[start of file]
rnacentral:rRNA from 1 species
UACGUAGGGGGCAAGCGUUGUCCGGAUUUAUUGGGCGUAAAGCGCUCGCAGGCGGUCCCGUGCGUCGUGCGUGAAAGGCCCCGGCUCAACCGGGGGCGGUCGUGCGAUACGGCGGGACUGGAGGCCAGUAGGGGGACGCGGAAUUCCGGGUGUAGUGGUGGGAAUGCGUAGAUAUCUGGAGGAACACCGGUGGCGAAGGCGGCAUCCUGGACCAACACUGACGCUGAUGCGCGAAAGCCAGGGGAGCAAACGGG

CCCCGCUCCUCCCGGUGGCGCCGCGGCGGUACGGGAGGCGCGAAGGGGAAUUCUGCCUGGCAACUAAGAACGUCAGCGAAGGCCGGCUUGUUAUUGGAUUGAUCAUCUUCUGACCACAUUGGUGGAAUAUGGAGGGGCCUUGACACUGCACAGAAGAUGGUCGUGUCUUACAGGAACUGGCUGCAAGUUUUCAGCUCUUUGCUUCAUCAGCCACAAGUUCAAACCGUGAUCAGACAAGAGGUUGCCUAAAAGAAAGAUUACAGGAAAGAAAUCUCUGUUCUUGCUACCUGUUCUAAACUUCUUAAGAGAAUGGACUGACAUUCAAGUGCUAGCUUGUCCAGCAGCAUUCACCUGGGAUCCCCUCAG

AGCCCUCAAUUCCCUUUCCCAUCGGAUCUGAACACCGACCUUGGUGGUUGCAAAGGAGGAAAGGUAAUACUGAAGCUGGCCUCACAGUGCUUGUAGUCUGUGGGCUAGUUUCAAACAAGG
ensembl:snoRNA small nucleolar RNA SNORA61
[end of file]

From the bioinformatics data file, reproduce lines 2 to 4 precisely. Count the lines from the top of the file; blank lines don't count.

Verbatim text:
UACGUAGGGGGCAAGCGUUGUCCGGAUUUAUUGGGCGUAAAGCGCUCGCAGGCGGUCCCGUGCGUCGUGCGUGAAAGGCCCCGGCUCAACCGGGGGCGGUCGUGCGAUACGGCGGGACUGGAGGCCAGUAGGGGGACGCGGAAUUCCGGGUGUAGUGGUGGGAAUGCGUAGAUAUCUGGAGGAACACCGGUGGCGAAGGCGGCAUCCUGGACCAACACUGACGCUGAUGCGCGAAAGCCAGGGGAGCAAACGGG

CCCCGCUCCUCCCGGUGGCGCCGCGGCGGUACGGGAGGCGCGAAGGGGAAUUCUGCCUGGCAACUAAGAACGUCAGCGAAGGCCGGCUUGUUAUUGGAUUGAUCAUCUUCUGACCACAUUGGUGGAAUAUGGAGGGGCCUUGACACUGCACAGAAGAUGGUCGUGUCUUACAGGAACUGGCUGCAAGUUUUCAGCUCUUUGCUUCAUCAGCCACAAGUUCAAACCGUGAUCAGACAAGAGGUUGCCUAAAAGAAAGAUUACAGGAAAGAAAUCUCUGUUCUUGCUACCUGUUCUAAACUUCUUAAGAGAAUGGACUGACAUUCAAGUGCUAGCUUGUCCAGCAGCAUUCACCUGGGAUCCCCUCAG

AGCCCUCAAUUCCCUUUCCCAUCGGAUCUGAACACCGACCUUGGUGGUUGCAAAGGAGGAAAGGUAAUACUGAAGCUGGCCUCACAGUGCUUGUAGUCUGUGGGCUAGUUUCAAACAAGG